Our Family Genealogy Pages

Home Page  |  What's New  |  Photos  |  Histories  |  Headstones  |  Reports  |  Surnames
Search
First Name:


Last Name:



Jacob Markle, UE

Male 1745 - 1816  (~ 70 years)


Personal Information    |    Notes    |    Event Map    |    All    |    PDF

  • Name Jacob Markle 
    Suffix UE 
    Born Oct 1745  Stone Arabia, New York, USA Find all individuals with events at this location 
    Gender Male 
    Died Jun 1816  Osnabruck Township, Ontario, Canada Find all individuals with events at this location 
    Person ID I29689  Family Tree
    Last Modified 16 May 2020 

    Father Heinrich Merckel,   b. 1691, Ha▀loch, Rheinland-Pfalz, Deutschland Find all individuals with events at this location,   d. 1781, Stone Arabia, New York, USA Find all individuals with events at this location  (Age 90 years) 
    Mother Maria Estes,   b. 1706, Deutschland Find all individuals with events at this location,   d. Stone Arabia, New York, USA Find all individuals with events at this location 
    Family ID F14494  Group Sheet  |  Family Chart

    Family Maria Nugent,   d. Osnabruck Township, Ontario, Canada Find all individuals with events at this location 
    Married 1758  Stone Arabia, New York, USA Find all individuals with events at this location 
    Children 
    +1. Jane Markle, UE,   b. 1765
    Last Modified 16 May 2020 
    Family ID F14436  Group Sheet  |  Family Chart

  • Event Map
    Link to Google MapsBorn - Oct 1745 - Stone Arabia, New York, USA Link to Google Earth
    Link to Google MapsMarried - 1758 - Stone Arabia, New York, USA Link to Google Earth
    Link to Google MapsDied - Jun 1816 - Osnabruck Township, Ontario, Canada Link to Google Earth
     = Link to Google Earth 
    Pin Legend  : Address       : Location       : City/Town       : County/Shire       : State/Province       : Country       : Not Set

  • Notes 
    • The Life of Jacob Merkil of Osnabruck
      Jacob Merkil came from Stone Arabia in Tryon Co. (now Montgomery Co.) NY. The area had been settled by Palatine immigrants in the early 1700's but his father probably arrived around 1730. Jacob lived comfortably. He was well situated on a good farm with 97 acres of cleared fields. He also had part shares in a mill erected on his large woodland property.
      However as the American Revolution began, Jacob's Tory politics now put him at odds with some of his more rebellious neighbours. They jailed Jacob on 3 different occasions. He was forced to join the local militia, but managed to avoid any combat. He was eventually driven from the province of New York and all his property was confiscated. He took refuge in Connecticut for most of 1777. Afterwards he left the rebelling colonies and retired to Canada with Sir John Johnson's men where he began life as a refugee.
      Jacob joined Johnson's Corps in 1780 and served with them until 1784 when they were disbanded. As a Loyalist he was granted lands in the Township of Osnabruck situated on the north shore of the St. Lawrence River.
      Jacob was active in establishing Aultsville, as the centre of the township would become known. He was the first deacon of the Presbyterian congregation and along with Richard Loucks organised the building of the original church and hiring the inaugral minister. The church opened for services on the Centre Commons of Osnabruck on the 9th of August 1795. A graveyard called the Woodlands East Cemetery was also established alongside. Rev. William Bell wrote the following in 1817 in a series of published Lettsers:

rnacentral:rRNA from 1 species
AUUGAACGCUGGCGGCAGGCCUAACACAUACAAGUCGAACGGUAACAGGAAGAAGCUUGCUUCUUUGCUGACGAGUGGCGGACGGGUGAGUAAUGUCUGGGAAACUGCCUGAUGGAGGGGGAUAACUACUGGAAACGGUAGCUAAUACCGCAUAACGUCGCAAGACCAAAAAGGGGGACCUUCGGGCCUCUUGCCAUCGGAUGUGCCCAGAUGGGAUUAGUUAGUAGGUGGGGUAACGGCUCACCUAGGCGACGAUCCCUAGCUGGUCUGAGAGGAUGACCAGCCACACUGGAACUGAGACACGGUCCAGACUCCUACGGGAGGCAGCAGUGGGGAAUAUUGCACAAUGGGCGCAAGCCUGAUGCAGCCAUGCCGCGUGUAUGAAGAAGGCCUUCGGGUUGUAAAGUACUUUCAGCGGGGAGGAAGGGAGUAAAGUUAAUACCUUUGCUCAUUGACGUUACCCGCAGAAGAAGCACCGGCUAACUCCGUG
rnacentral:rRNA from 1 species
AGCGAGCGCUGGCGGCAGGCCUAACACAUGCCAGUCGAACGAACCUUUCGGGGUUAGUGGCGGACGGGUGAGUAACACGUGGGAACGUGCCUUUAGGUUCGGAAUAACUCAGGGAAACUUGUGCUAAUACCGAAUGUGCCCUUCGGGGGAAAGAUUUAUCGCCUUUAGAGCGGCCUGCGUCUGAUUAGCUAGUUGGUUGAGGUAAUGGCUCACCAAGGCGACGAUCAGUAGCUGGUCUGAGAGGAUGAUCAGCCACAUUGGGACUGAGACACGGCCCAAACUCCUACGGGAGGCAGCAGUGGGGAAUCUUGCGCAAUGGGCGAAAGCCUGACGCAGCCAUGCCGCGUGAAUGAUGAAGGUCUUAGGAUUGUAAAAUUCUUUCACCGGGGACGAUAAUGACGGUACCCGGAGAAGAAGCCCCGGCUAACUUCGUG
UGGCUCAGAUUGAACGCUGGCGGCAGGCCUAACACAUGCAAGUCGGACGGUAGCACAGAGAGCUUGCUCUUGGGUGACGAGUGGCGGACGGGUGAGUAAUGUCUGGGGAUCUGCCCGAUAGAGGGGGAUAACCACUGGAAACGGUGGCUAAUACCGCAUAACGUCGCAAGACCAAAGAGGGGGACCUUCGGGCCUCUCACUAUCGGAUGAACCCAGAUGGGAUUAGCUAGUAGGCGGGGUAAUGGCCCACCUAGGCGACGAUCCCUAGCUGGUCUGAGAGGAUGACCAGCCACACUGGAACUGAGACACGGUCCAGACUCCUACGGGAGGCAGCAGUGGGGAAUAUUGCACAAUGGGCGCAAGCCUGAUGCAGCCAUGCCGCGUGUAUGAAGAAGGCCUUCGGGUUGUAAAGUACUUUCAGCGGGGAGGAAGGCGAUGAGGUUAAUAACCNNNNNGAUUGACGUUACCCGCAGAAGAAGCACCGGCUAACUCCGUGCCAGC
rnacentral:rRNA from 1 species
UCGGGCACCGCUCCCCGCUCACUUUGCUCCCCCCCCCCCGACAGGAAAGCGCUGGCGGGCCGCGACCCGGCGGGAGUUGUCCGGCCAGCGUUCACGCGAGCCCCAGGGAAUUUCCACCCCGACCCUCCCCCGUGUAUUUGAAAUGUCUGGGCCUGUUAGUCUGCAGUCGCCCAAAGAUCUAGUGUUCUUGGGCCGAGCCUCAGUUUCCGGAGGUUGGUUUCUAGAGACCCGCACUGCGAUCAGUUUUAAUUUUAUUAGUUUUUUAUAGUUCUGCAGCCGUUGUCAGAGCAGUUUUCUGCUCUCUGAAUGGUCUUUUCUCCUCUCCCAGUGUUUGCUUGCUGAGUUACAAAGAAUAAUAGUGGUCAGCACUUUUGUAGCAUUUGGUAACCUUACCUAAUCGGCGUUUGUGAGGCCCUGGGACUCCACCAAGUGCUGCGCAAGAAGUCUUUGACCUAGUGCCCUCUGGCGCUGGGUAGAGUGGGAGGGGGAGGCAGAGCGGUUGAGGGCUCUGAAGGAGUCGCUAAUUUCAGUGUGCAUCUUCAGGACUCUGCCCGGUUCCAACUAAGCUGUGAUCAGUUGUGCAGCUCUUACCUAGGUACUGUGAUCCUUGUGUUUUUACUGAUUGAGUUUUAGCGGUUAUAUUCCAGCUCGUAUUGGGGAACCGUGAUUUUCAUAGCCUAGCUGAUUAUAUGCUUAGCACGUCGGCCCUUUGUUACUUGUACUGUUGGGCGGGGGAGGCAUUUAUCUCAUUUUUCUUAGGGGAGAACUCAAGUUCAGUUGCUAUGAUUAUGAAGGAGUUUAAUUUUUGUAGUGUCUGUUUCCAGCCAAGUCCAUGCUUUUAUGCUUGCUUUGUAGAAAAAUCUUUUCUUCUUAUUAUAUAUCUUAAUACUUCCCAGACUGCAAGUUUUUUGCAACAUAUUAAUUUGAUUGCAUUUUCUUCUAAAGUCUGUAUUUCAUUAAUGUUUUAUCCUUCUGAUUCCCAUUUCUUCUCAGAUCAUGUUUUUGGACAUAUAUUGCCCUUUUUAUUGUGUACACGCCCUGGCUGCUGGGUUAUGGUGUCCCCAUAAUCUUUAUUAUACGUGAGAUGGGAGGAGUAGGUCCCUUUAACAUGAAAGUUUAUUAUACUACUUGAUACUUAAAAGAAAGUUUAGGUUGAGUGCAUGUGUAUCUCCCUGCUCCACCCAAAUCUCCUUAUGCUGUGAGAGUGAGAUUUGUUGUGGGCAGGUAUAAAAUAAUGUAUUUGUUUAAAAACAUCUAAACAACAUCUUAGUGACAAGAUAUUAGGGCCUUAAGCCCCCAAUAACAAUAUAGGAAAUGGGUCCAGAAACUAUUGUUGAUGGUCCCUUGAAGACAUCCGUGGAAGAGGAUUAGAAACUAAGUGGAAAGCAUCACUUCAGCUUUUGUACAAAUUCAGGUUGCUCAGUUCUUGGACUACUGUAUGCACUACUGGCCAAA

Many of the congregation of Osnabruck are Dutch people, who were settled here when discharged from the army at the end of the American revolutionary war. The church stands on the banks of the St. Lawrence, thirteen miles above Cornwall, and ninety-seven from Montreal. The edifice is not large, but is neatly fitted up, though it has been a good many years built.
      Jacob also erected the first grist mill for the town at the foot of the Long Sault Rapids. He received a special dispensation from the Executive Council for this in 1794. When he grew into an old man, Jacob tried twice to sell his grist mill. His first attempt at selling the mill failed and he bought it back 3 years later. He made a final sale in 1810.
      In 1816, Jacob wrote his will. Dispensing his estate among his large extended family, some of his worldly possessions were to make their way back to the United States and into the hands of nephews and great nieces. Mary Finck, the daughter of American Revolutionary hero, Major Andrew Finck, was also to receive a portion of Jacob's estate. Her brother Andrew A. Finck Jr. had purchased Jacob's lands "under confiscation" 40 years earlier. Strangely, Jacob made no mention of his daughter Jean and her husband Donald McDonnell in his will.
      Having helped to establish the hamlet of Aultsville, Jacob was buried in the Woodlands East Cemetery in 1816. Aultsville never grew larger than 400 citizens in the next 150 years. Most notable among its industries was a large cheese factory.
      In 1956 with the St. Lawrence Seaway almost completed, the village of Aultsville was intentionally burnt to the ground. A hydro dam had been erected downstream and shortly afterwards the land on which the town had stood was submerged under water. Many inhabitants had relocated to a new village named Long Sault. Jacob Merkil's tombstone was relocated to a cemetery on higher ground, however his earthly remains now lie 20 feet under the surface of Lake St. Lawrence.
      --Posted 03 Sep 2013 by Ancestry member: sheilamac50